xs:string to ComplexType TextType, minOccurs=0, judiciously applied
This is a summary of a recent discussion on eml-dev which does not appear to have been entered in bugzilla.
Several people have expressed a need for additional structure in leaf nodes that are currently designated xs:string, generally to accommodate formatting for species binomials, chemical notation and lists. Examples include <title>, <method>, and <protocol>.
One solution is to change these from xs:string to txt:TextType. Since TextType is mixed content, it will not affect existing documents containing strings. The nodes to apply this change should be agreed on by this group, and this is not meant to be a work-around for eml which needs enhancement. Database implementations will need to correctly interpret the data typing when searching these elements. For more info on TextType, see bug 2703, and the docbook schema (http://www.docbook.org/specs/).
EML 2.0.1 title element:
<xs:element name="title" type="xs:string" maxOccurs="unbounded">
EML 2.0.2 proposed title element:
<xs:element name="title" type="txt:TextType" maxOccurs="unbounded">
Either of these is valid:
<title>Uptake of nitrogen by Alnus tenuifolia and Alnus crispa in six different successional habitats</title>
<title>Uptake of nitrogen by
<emphasis>Alnus tenuifolia</emphasis> and
in six different successional habitats</title>
#3 Updated by Margaret O'Brien almost 12 years ago
Matt Jones, Margaret O'Brien, James Brunt, Mark Servilla, Inigo San Gil, Chris Jones, Corinna Gries, Ken Ramsey
Retyping from xs:string to TextType to allow formatting in certain fields is not an ideal solution for 2 reasons (also discussed in previous comments to this bug)
1. any embedded elements within titles and abstracts will create barriers to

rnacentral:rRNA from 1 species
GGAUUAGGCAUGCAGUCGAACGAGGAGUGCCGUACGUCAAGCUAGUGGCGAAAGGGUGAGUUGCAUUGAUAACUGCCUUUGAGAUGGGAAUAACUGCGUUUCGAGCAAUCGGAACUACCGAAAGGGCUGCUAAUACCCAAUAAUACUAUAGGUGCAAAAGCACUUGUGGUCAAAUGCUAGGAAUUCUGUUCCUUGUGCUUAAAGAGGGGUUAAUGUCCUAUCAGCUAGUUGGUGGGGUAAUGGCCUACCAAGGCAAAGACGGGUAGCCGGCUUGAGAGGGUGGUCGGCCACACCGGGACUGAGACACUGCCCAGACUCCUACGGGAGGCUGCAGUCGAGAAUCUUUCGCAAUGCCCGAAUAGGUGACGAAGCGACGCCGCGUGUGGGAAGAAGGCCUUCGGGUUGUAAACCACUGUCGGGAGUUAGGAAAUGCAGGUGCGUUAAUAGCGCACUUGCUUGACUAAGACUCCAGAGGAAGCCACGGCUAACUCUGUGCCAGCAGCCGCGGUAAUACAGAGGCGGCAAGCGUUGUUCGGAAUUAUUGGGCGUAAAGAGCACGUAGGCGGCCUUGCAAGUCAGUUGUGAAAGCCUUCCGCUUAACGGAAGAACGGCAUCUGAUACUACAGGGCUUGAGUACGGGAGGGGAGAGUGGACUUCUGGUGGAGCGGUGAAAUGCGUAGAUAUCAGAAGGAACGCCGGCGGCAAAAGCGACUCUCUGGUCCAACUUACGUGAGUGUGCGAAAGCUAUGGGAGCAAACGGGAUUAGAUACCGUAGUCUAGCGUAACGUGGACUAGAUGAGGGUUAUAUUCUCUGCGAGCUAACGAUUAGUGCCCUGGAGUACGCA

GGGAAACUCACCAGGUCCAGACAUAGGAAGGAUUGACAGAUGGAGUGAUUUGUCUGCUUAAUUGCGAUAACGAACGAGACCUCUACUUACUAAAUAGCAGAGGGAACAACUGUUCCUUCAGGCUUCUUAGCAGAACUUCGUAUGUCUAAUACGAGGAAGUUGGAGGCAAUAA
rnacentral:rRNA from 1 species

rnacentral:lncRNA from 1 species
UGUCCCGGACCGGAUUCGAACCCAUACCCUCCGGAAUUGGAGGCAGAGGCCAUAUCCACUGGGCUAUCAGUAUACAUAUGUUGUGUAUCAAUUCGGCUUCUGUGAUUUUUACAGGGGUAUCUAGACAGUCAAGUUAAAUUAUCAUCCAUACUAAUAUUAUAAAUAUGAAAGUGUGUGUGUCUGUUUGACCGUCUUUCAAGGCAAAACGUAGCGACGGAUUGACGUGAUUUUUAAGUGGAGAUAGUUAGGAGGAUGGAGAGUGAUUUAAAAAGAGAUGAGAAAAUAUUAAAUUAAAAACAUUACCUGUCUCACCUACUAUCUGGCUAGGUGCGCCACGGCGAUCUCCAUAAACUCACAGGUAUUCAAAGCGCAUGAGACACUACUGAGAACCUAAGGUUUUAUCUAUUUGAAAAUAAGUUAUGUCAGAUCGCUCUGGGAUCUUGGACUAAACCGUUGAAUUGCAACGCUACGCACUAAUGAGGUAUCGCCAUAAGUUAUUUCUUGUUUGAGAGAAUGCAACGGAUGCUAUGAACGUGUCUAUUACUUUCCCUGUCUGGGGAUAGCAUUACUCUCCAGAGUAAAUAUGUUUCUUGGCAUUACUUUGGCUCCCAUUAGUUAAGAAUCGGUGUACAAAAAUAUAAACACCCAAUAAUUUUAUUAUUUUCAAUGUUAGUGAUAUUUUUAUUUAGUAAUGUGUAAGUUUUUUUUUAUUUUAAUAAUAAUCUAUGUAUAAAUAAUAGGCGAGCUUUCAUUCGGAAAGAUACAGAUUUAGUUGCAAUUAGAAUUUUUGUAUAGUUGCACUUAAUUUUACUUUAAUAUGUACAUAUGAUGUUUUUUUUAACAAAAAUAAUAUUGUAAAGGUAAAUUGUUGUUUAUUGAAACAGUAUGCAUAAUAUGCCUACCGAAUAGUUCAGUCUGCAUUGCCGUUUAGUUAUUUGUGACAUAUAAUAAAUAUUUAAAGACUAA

searching in both knb and other catalogs, and
2. the practice of adding visual formatting to EML does not conform to the basic principle that XML should encode semantics not style.
A better solution might be to identify the terms which need additional formatting and create structures to accomodate them which can be transformed as needed.
Known terms include species binomials and chemical formulae, which might be surrounded by tags such as <speciesBinomial> and <chemicalFormula>. <speciesBinomial> would have simple content that could be transformed
(e.g., to <emphasis> in stylesheets). Authors would need to employ another schema (e.g. ChemicalML) inside <chemicalFormula>. Other types of terms used by EML authors will need to be identified.
A subgroup of eml-dev (James Brunt, Chris Jones) will consider possible olutions. Current uses of txt:TextType in instance docs should be examined to determine whether these are semantic or presentational, and to identify terms to consider for additional structures. Other schema languages could also be examined (FDGC has no provisions for formatting resource titles).